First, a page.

December 1st, 2nd at the University of Heidelberg, Germany

Partner: Conway Institute, University College Dublin


The Imaging Core lab of Dr Dimitri Scholz at the UCD Conway Institute is focused on the development of correlative workflows to support the virology work packages. Integration of soft X-ray tomography (SXT) into CLEM imaging workflows offers a powerful new method for 3D imaging of whole cells and tissue. SXT quantitatively and rapidly images fully hydrated, intact cells at about 50 nm resolution. Conventional TEM generates high-resolution (~5 nm) data from small regions of interest of cells. Combining these two powerful imaging techniques with data from fluorescence microscopy will provide a more informative picture.

Several potential workflows are available at UCD Conway, focusing on the correlation of three modalities:

  • Light (fluorescent, including confocal and super-resolution) microscopy
  • Electron (scanning as well as transmission) microscopy (SEM and TEM)
  • Soft X-ray microscopy


Presently a CLEM workflow of cryo-fixation, cryo-substitution and embedding in fluorescent-friendly Lowicryl is being optimised (as depicted by the path of the yellow arrows in the figure below). Cryo-fixation is achieved either by high-pressure freezing or plunge-freezing.  Both methods are well established in the Conway Imaging lab. For cryo-substitution and embedding at low temperatures, a recently purchased cryo- substitution device permits multiple CLEM workflows.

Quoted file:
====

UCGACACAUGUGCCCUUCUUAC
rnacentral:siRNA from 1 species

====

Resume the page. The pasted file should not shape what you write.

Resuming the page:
After the establishment of the CLEM workflows, we will insert cryo-SXT imaging into the workflow, followed by freeze substitution, resin embedding and conventional room temperature TEM. The benefit of this workflow will be in using the whole-cell imaging capability of SXT to identify regions of interest for high-resolution TEM imaging, thus improving the efficiency of CLEM workflows.

These workflows will be further extended to include the correlation of super-resolution STED with cryo-SXT and conventional TEM or SEM.


Read the update in PDF here

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